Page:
Salving the wounds of economic reforms, the Budget 2018 is expected to give due attention to infrastructure and housing sector.
The Hon’ble Finance Minister has focused on different aspects of the economy in the previous Budgets, however, this time it is expected that the upcoming Budget 2018 doles out significant attention to infrastructure and housing sector to boost the nation’s GDP.
Moving ahead from the previous budget, when Affordable Housing was given infrastructure status, further sweeteners are expected to encourage private sector real estate developers and induce the much-needed push to accomplish the target of ‘Housing for All by 2022”. We have seen positive moves in form of the eight models for Public Private Partnership which were recently unveiled by the Honourable Minister for Housing and Urban Poverty Alleviation. Initiatives such as these, along with ‘ease of doing business’ should go a long way in ensuring the upcoming Budget is the right one for India, especially given the current economic scenario.
For real estate, is undergoing a transitory phase and challenging times - the government has implemented reforms in real estate: Demonetisation, RERA, GST and Bankruptcy Law. Some refer to these as challenges, however, experts term these as ‘the tsunamis’ – and these tsunamis effectively, have slowed down the ‘buying’ decision. Almost all home seekers have been in a ‘wait and watch’ mode since past few months or have exited the market.
To alleviate the impact of the reformatory moves undertaken in the past, it is important to look beyond public and private sectors as separate. Creating homes for India’s home seekers is something we have heard our leaders speak about over the years, and the private sector in Indian Real Estate has always stood by the Indian Government and supported the various initiatives that have been mooted. Thus, government should also come up with measures and policies that work in favour of the private players and not only superficially but also realistically, offers support.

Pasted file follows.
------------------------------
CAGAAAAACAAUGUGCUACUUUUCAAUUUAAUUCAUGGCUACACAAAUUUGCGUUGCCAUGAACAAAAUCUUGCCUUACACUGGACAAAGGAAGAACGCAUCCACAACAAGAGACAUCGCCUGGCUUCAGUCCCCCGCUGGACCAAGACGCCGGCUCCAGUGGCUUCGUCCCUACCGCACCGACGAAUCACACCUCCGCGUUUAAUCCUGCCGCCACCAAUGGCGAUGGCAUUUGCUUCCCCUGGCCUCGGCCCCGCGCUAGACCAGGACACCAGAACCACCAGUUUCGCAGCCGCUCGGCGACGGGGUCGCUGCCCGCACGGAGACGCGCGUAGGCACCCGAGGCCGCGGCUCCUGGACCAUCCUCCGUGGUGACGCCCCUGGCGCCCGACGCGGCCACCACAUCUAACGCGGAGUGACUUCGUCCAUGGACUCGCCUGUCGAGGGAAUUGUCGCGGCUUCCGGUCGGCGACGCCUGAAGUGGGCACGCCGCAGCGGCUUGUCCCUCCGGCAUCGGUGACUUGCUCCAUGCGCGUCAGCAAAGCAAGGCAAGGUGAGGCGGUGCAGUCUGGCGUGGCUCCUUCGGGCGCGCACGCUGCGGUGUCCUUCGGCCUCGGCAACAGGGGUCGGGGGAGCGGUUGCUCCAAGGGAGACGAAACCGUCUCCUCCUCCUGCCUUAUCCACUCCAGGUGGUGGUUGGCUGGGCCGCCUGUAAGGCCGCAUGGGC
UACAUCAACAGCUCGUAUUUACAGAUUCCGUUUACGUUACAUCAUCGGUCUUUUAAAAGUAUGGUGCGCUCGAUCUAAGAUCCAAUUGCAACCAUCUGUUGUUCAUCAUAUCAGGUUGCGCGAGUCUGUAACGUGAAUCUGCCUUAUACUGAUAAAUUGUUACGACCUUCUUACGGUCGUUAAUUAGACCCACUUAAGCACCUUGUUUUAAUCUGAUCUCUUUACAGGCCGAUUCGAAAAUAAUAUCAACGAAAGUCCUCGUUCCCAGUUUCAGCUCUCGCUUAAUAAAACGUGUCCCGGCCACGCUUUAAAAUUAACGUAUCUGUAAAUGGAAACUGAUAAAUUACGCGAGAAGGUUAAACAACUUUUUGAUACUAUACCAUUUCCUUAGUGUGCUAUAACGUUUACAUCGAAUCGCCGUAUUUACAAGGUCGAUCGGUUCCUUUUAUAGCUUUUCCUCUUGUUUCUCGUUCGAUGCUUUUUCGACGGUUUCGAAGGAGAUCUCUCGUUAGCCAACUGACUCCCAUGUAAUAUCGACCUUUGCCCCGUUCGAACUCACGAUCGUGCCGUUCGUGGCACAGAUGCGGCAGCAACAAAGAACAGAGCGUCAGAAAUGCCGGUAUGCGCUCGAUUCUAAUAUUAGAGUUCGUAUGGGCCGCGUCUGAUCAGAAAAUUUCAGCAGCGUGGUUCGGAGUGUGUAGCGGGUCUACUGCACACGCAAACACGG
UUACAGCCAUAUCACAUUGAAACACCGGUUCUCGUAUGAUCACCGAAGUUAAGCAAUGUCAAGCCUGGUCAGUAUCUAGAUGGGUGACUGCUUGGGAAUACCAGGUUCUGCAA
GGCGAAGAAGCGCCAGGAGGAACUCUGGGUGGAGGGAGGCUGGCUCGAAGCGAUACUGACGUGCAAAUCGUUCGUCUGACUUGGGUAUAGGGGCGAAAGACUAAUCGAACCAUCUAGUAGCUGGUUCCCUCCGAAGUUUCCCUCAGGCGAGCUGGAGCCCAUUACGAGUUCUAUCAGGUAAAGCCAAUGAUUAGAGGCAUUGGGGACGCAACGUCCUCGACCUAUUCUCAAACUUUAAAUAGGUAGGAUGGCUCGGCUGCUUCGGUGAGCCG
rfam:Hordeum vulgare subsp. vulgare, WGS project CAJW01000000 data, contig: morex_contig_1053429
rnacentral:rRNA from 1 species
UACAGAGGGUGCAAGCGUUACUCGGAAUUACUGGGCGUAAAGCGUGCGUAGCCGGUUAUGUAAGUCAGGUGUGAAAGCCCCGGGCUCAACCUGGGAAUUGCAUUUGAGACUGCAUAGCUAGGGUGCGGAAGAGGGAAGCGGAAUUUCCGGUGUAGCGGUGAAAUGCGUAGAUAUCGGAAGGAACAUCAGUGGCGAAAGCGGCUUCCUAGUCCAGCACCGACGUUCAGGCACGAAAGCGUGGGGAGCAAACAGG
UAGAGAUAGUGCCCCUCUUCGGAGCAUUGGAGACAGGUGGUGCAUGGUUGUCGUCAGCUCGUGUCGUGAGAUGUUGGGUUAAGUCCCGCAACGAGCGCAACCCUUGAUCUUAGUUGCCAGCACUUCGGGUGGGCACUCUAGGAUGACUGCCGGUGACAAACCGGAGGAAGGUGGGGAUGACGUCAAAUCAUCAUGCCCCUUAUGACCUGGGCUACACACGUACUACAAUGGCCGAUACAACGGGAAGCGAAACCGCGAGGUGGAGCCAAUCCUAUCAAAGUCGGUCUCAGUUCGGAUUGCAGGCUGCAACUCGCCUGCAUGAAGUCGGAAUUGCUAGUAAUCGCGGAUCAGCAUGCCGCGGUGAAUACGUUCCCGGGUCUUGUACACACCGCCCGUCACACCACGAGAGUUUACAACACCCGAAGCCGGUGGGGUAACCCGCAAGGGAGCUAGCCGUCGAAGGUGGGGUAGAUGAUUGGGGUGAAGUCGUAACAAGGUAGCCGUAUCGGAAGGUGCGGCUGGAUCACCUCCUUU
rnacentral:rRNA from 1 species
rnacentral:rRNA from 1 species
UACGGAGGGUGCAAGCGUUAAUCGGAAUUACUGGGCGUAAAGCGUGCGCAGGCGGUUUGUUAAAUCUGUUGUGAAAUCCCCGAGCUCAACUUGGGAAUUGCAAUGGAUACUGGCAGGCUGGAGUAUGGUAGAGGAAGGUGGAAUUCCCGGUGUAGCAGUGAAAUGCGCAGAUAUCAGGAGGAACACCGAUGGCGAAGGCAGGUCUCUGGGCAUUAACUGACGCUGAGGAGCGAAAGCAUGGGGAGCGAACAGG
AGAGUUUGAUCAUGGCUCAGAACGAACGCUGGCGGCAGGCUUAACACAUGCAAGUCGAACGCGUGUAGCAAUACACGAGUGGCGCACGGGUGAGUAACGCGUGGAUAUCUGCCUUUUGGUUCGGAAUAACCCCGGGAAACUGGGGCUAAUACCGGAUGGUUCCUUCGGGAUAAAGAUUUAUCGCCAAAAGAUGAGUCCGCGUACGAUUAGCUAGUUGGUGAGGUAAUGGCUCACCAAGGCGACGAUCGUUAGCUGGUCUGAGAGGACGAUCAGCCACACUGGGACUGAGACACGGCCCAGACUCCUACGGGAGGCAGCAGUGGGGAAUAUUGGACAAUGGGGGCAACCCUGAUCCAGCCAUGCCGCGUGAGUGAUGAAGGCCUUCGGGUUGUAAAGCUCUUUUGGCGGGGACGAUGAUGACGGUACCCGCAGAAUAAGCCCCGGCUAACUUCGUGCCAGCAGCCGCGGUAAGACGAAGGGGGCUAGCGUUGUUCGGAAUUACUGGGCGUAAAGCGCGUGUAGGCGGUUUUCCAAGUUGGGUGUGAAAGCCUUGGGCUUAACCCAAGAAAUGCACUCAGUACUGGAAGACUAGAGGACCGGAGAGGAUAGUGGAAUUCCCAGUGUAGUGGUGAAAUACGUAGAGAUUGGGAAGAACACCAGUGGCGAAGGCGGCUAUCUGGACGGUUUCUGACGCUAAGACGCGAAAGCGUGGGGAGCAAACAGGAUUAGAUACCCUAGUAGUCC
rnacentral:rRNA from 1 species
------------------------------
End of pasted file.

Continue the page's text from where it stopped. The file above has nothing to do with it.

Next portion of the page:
The objective of ‘Housing for All’ will not be achieved only by the private sector or the public sector; rather it will be the partnership model – PPP – which will help achieve this goal. The fundamental strategy underlying Public Private Partnership as an implementation strategy for affordable housing is to combine the strengths of the private sector with those of the public sector in order to overcome challenges faced by affordable housing and to achieve superior outcomes, and I hope the Budget bears this out.
From the industry’s perspective, ensuring the PPP model works will also require not just ‘ease of doing business’ but also enhanced transparency in taxation, reduction in the cascading of taxes as also GST bringing in a single rate of taxation on real estate, across the country. We have seen positive moves in form of the eight models for Public Private Partnership which were recently unveiled by the Hon’ble Minister for Housing and Urban Poverty Alleviation. Initiatives such as these, along with ‘ease of doing business’ should go a long way in ensuring the upcoming Budget is the right one for India, especially given the current economic scenario.
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